Mood is somewhat stable, so I’m taking advantage of it by doing what I can and preparing for any other slip-ups. I’m more aware of the thoughts that lead up to me doing stuff like overdosing or trying to jump in front of trains. So I’m making a special ‘box’ to prepare for times like that. It’s going to be full of photos of people (and pets!) I love, letters and cards from friends and a letter I’ve written to myself. I sound even more crazy, I know.
When I’m feeling impulsive, I don’t really remember it. I’m usually very energetic, but that’s not the word I’m looking for. It’s almost like… mania. I can’t stop moving, I have to act on the impulse to get it out my head. So the majority of the box will be visual things, like photos. I don’t have enough focus to read much in the thick of it. It’ll also have all the numbers for helplines, CAMHS, the crisis team(s), etc.
Hopefully, this will help. I’m going to try anyway. I don’t know whether the unstable moods are scarier during them or while you’re waiting for them to return. The calm before the storm, as it were.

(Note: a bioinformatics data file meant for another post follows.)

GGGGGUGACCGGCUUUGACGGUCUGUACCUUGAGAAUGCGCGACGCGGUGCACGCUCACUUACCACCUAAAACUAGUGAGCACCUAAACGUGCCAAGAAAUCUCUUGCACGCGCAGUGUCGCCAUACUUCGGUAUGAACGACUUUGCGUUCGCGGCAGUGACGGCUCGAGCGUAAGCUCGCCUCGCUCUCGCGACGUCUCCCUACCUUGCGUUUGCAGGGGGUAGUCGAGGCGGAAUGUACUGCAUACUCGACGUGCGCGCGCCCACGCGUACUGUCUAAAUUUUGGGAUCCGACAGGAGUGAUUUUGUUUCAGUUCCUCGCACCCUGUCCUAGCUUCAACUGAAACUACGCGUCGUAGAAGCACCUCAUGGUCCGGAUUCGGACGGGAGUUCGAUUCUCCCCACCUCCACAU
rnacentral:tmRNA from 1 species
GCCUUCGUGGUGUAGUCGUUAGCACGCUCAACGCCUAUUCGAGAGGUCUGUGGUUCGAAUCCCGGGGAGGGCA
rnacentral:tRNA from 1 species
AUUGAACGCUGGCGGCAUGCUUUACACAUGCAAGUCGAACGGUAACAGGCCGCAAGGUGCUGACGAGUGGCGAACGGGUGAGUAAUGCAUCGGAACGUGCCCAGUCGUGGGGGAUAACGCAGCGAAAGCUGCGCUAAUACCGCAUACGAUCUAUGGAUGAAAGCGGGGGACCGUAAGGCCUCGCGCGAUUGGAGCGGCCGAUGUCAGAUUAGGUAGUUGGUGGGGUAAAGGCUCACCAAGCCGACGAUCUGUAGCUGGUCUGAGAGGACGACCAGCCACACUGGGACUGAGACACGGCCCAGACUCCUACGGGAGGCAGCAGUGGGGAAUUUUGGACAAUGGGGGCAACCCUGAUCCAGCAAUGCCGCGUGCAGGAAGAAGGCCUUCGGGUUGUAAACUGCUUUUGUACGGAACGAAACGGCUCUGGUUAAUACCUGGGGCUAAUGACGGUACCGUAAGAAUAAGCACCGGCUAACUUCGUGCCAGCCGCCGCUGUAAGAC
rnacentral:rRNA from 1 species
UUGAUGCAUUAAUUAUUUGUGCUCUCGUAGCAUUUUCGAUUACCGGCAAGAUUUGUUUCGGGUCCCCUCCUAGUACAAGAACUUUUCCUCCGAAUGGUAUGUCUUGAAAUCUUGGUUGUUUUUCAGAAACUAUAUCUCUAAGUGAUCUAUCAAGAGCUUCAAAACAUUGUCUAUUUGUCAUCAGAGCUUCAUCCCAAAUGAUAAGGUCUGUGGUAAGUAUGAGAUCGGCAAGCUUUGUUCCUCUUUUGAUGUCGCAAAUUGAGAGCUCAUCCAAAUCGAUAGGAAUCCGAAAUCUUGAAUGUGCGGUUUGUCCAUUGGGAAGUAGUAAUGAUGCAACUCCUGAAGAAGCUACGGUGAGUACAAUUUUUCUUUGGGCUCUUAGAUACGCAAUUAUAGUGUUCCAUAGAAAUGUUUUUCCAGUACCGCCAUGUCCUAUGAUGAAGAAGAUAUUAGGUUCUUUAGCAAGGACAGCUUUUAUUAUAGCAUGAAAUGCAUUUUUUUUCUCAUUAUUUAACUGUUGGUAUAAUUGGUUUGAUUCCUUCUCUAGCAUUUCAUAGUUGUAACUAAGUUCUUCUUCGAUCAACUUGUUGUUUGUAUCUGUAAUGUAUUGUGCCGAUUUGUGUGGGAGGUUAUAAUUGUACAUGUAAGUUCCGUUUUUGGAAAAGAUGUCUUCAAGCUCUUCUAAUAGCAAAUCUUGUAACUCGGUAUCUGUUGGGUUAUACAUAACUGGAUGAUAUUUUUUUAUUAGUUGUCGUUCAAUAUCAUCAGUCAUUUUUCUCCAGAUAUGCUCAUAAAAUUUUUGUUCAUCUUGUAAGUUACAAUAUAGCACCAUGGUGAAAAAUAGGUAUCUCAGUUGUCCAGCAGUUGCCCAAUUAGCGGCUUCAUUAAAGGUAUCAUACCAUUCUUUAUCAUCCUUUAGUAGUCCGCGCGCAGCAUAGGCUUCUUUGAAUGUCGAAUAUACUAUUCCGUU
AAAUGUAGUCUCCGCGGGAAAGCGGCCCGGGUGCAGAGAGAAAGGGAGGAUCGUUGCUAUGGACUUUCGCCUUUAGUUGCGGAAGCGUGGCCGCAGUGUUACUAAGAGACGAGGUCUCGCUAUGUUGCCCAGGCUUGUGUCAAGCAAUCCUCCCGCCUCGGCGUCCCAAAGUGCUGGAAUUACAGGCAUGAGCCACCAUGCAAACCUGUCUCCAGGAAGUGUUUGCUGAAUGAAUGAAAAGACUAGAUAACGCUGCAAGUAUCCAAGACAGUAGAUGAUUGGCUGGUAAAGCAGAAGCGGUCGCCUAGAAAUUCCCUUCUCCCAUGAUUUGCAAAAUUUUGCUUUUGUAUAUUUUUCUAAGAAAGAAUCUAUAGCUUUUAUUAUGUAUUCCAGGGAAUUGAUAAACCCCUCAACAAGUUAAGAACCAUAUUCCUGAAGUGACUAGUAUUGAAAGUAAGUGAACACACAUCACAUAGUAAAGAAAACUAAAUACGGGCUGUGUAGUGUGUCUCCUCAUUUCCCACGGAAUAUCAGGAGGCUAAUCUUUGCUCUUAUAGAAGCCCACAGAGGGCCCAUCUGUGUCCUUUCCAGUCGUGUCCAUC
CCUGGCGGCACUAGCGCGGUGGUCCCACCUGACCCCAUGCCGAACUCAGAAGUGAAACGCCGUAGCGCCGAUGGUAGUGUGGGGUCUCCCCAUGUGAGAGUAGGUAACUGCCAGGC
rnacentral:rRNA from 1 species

I’ve been walking, cycling and swimming today. Check me out.
I’m going to look at the kinds of live music events there are and stuff. I’ve got it into my head that I want to go to a festival (since reading the post about festivals on the Mental Nurse blog!) or something like it, even just for a day.
Why is it that the skinny, bitchy girl gets all the friends and all the boys talking to her? Is it because she’s thin and pretty? Are people really that shallow?
It’s not even that I want any attention from boys. Well. It would be nice to get more than a grunt or two words, sure. But they’re allllll over her, of course. What is it about me? I’m just some fat, bumbling, awkward, disgusting, repellent little lard-ass that people wouldn’t touch with a barge pole.